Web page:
I am sorry to report that Steve Heppe passed away on January 13 after a long, courageous battle with cancer.
Steve was my random-draw roommate my freshman year at Princeton. We then signed up to be roommates again for our sophomore year. We visited each other’s homes, knew each other’s families, and shared a couple of classes. We got two of the three A+’s given in our Introductory Programming Class together. It was cheating a bit as we both programmed quite a bit in high school. Steve taught me Tae Kwon Do and I taught Steve how to fly gliders.
After college, we stayed in touch as we started our careers. I met Mary Jane before they were married and would sneak up to DC to visit them. I came up to see the little Heppes as they were born (Lindsay, Kennan, and Vaughn).
Later when I was tasked to build Insitu, I recruited Steve to come and join us as Chief Scientist. He had earned his PhD in EE, was experienced in aviation GPS and NavCom, was about employee number 10 at Insitu, and was a critical partner in our success. Not only did he move the technical ball forward, but he was also gifted at explaining technically complex topics so that the uninitiated could understand them. This probably explains why later he was a top consultant providing expert testimony in trials.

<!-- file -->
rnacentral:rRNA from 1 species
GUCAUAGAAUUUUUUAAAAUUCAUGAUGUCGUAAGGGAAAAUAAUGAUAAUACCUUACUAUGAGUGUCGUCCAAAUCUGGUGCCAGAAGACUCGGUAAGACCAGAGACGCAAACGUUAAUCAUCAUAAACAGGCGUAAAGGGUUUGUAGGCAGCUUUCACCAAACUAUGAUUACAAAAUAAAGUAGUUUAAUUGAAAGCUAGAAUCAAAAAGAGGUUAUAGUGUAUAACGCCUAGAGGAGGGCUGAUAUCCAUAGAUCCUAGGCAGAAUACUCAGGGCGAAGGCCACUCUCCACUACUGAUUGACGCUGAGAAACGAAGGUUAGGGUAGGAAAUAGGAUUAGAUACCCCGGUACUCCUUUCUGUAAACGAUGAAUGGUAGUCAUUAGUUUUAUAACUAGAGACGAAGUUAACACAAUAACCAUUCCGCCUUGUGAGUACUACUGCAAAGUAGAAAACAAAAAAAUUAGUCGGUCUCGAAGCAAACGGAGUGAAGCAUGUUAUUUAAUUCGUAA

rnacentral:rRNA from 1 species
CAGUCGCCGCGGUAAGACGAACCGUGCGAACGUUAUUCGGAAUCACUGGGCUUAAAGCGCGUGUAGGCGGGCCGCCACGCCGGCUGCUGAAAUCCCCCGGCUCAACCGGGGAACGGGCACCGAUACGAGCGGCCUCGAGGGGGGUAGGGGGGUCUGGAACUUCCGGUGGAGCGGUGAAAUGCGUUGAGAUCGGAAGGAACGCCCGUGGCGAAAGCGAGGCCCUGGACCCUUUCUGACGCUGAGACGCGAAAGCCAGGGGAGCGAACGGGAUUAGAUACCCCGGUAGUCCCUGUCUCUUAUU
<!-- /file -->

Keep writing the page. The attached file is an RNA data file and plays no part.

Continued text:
He was comfortable performing theoretical calculations and going in the field to collect experimental data. One of my humorous memories of him was when we were performing our first critical public demonstration. Our computer that controlled our antenna steering mechanism had faulted moments before our demo flight before 2’000 people. Steve jumped upon the control trailer and nonchalantly manually pointed the antenna for the entire 15-minute flight trying to keep people from noticing. The flight was a huge success and we waited until months later to reveal to our sponsors how precarious that demo had been.
Steve always projected positive energy, even as his illness crept up.
He will be sorely missed by all that knew him.
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